Some residents in the Georgetown area of Dumplin Hill Road are raising concerns about the routing of the Norwalk River Valley Trail Project, a proposed 38-mile pedestrian and biking corridor, which will link Calf Pasture Beach in Norwalk to north Danbury.

At the last Board of Selectmen's meeting on Tuesday, Sept. 4, Second Selectman Hal Clark provided a letter from the residents, which said, "Our specific objection and protest lies in one of the optional routings of the trail to make the connection from Thunder Lake Road to the Connecticut Department of Transportation-owned property through Thunder Lake Road that connects to Dumplin Hill Road."

The letter further identifies "policy/security" issues and the specter of decreasing home values.

Dumplin Hill resident Janice Kern, who signed the letter, declined further comment, saying the concerns had been spelled out.

The residents met with Mr. Clark, State Sen. Toni Boucher, State Rep. Gail Lavielle and Pat Sesto, Wilton's director of environmental affairs and the trail's chairwoman.

Ms. Sesto said the main concerns center on the logistics of the routing.

"As stated to me by several residents on and nearby Dumplin Hill, they are not opposed to the trail as a whole, they are opposed to the idea of using the Dumplin Hill right-of-way. And they have no current intentions of giving permission to use this privately owned right-of-way, should they be asked," she said. "We are not actually asking them or any other private landowner for permission at this time."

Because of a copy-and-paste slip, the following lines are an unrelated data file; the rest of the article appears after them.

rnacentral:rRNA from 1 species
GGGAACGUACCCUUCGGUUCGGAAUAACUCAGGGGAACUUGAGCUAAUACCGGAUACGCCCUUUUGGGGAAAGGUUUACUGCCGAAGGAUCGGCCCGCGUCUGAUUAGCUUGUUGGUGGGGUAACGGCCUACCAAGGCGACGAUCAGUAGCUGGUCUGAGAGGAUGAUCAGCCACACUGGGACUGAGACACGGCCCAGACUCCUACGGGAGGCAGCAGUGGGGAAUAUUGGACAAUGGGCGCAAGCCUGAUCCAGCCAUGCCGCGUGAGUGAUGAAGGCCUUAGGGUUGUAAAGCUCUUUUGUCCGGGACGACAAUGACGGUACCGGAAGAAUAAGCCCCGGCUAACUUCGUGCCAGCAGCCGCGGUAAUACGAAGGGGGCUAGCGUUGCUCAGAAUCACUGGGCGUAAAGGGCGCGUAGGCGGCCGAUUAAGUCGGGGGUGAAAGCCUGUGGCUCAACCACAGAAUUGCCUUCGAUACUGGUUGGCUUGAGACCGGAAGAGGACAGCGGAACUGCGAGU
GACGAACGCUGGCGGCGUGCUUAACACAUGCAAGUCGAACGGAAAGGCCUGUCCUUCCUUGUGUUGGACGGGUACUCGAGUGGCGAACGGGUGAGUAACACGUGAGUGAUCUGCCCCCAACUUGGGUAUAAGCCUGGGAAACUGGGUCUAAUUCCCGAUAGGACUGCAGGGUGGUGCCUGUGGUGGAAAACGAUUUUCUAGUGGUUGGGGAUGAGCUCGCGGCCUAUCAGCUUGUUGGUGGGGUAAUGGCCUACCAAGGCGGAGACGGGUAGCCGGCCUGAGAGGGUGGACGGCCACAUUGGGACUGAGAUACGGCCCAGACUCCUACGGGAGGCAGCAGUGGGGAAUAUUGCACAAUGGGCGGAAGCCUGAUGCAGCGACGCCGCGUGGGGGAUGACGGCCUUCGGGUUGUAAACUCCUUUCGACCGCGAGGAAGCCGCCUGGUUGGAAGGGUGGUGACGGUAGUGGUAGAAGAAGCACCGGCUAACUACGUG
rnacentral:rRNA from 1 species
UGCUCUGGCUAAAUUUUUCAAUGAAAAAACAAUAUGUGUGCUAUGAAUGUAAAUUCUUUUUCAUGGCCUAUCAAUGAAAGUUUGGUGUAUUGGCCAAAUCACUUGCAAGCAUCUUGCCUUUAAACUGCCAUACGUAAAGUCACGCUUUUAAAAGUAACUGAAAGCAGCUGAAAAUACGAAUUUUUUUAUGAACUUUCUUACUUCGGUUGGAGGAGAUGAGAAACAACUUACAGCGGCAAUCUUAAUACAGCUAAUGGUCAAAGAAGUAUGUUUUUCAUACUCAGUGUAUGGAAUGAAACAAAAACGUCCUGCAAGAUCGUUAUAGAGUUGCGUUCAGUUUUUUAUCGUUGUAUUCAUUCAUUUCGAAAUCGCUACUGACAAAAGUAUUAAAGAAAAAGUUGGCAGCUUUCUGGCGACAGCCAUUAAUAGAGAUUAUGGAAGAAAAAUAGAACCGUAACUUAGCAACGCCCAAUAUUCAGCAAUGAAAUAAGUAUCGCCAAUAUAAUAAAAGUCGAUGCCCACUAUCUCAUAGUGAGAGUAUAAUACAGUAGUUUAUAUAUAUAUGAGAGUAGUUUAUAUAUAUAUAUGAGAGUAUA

Further, Ms. Sesto said, "The routing study appropriately identifies a gap in publicly owned land and this gap will someday have to be resolved. When we get that far, we would discuss options with various private property owners about easements or other mechanisms to facilitate the trail."

However, she said eminent domain is a non-issue. "There will be no eminent domain taking of private land," she said. "For this neighborhood, this is a discussion for some day in the future. Wilton's early efforts will focus on the sections that connect to train stations and business districts in the Wilton Center area. We will have our hands full with this for a number of years."

According to Ms. Boucher, the residents "just wanted to be assured that no one would be trespassing on their property and Pat Sesto did state and the plan also states that an owner must give permission or their land would not be included in the greenway plan."

A comprehensive routing study for the project was unveiled at a ceremony at the Wilton Library on Sept. 4. The trail project initially set off in 2009 with the help of a $180,000 federal grant, which stipulated that steering committee members match it with $45,000 in funding. In less than 18 months, that was reached, with municipal payments and volunteer efforts.